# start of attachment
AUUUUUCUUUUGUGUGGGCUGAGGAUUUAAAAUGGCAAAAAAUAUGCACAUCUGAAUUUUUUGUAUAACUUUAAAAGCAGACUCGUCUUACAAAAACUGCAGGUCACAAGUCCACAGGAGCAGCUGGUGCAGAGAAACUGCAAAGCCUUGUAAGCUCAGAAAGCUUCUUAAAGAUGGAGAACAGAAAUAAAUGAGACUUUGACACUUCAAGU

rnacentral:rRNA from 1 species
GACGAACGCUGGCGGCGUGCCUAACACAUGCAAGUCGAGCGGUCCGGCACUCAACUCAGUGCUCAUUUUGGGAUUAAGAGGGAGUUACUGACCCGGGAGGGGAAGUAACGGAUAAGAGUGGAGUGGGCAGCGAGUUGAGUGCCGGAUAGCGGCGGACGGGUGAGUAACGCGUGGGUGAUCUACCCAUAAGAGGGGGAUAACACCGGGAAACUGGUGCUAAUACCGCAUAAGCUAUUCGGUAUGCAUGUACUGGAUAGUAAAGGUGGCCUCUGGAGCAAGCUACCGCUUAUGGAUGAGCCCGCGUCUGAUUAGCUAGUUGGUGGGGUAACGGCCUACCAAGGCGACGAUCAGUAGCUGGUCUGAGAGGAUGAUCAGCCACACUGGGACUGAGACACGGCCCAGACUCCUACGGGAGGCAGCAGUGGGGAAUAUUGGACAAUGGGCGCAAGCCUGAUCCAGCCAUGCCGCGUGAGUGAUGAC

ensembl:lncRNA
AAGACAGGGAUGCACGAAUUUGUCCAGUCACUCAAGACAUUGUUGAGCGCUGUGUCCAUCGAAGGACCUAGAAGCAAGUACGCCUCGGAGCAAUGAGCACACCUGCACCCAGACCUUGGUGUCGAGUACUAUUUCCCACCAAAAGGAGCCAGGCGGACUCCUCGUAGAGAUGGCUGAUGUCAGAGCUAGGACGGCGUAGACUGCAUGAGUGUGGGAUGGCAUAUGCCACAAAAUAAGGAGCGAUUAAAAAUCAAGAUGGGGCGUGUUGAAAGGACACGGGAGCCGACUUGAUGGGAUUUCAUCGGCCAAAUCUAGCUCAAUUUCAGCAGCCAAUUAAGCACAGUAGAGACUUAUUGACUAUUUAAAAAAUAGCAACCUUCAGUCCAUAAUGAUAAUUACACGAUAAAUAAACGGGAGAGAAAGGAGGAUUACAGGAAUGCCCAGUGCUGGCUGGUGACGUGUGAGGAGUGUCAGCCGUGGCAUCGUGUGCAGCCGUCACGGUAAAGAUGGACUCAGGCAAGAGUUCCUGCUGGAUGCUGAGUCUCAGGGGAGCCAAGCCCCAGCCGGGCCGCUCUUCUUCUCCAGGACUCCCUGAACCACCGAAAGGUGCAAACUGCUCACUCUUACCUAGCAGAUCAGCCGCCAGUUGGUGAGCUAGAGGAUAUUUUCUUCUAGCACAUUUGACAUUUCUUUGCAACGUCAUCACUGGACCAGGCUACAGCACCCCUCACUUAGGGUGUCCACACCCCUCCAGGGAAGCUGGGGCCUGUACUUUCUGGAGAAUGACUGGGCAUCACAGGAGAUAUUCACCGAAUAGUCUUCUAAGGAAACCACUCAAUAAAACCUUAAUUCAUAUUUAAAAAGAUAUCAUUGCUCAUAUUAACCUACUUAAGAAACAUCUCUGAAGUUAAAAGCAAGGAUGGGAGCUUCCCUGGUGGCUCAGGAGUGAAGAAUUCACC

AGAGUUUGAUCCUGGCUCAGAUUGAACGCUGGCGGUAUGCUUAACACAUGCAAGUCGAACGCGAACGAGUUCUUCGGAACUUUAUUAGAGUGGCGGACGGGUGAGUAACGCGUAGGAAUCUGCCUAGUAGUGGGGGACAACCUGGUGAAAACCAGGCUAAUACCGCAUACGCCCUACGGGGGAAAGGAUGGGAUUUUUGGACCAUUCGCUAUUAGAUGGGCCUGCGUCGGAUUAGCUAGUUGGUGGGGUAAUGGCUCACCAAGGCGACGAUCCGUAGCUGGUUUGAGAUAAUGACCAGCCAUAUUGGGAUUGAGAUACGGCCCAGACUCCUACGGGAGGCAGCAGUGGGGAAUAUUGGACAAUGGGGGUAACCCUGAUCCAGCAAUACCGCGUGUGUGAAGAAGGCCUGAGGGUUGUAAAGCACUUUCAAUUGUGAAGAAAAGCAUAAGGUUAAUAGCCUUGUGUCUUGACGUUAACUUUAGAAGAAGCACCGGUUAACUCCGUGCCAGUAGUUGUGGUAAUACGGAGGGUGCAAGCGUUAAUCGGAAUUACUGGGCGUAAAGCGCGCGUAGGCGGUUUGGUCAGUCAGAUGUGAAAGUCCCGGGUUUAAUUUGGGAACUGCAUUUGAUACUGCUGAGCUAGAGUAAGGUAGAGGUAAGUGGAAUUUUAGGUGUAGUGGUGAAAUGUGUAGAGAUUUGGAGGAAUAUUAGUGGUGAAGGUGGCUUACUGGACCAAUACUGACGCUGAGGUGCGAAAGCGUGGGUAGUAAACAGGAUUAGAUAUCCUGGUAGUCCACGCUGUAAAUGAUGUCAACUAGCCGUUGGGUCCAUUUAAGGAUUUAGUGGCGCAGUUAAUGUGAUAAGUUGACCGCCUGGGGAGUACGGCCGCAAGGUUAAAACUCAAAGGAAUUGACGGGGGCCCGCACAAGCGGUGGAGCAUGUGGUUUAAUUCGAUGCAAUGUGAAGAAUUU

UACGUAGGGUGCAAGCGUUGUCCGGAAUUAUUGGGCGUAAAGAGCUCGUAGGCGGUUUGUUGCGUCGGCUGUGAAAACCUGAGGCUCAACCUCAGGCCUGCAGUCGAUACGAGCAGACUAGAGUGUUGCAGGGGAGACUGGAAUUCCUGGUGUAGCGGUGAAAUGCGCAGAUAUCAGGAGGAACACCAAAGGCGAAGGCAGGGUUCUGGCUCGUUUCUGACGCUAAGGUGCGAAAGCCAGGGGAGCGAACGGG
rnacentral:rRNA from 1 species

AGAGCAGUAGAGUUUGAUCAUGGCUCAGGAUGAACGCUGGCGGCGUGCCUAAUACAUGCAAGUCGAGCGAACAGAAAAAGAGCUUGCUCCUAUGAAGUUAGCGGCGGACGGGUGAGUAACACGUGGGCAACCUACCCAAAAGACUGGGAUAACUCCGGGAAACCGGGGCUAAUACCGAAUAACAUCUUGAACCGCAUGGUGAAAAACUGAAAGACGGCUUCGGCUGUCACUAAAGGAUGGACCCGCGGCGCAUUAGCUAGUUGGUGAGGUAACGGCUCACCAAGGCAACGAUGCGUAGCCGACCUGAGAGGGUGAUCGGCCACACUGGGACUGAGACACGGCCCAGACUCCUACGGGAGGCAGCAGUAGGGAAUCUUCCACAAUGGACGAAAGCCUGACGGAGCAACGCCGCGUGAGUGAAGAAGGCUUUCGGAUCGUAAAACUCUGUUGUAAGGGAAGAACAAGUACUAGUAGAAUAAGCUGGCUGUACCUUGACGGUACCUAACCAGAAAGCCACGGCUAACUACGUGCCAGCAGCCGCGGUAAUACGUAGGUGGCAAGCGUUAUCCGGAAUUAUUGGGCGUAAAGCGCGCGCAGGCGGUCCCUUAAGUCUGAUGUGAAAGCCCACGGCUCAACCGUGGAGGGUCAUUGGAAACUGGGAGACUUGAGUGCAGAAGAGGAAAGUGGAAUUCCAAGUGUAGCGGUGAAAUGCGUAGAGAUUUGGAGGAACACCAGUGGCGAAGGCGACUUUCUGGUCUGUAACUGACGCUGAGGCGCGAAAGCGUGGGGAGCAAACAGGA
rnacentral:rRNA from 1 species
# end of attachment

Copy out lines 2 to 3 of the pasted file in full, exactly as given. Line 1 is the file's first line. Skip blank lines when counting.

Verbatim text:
rnacentral:rRNA from 1 species
GACGAACGCUGGCGGCGUGCCUAACACAUGCAAGUCGAGCGGUCCGGCACUCAACUCAGUGCUCAUUUUGGGAUUAAGAGGGAGUUACUGACCCGGGAGGGGAAGUAACGGAUAAGAGUGGAGUGGGCAGCGAGUUGAGUGCCGGAUAGCGGCGGACGGGUGAGUAACGCGUGGGUGAUCUACCCAUAAGAGGGGGAUAACACCGGGAAACUGGUGCUAAUACCGCAUAAGCUAUUCGGUAUGCAUGUACUGGAUAGUAAAGGUGGCCUCUGGAGCAAGCUACCGCUUAUGGAUGAGCCCGCGUCUGAUUAGCUAGUUGGUGGGGUAACGGCCUACCAAGGCGACGAUCAGUAGCUGGUCUGAGAGGAUGAUCAGCCACACUGGGACUGAGACACGGCCCAGACUCCUACGGGAGGCAGCAGUGGGGAAUAUUGGACAAUGGGCGCAAGCCUGAUCCAGCCAUGCCGCGUGAGUGAUGAC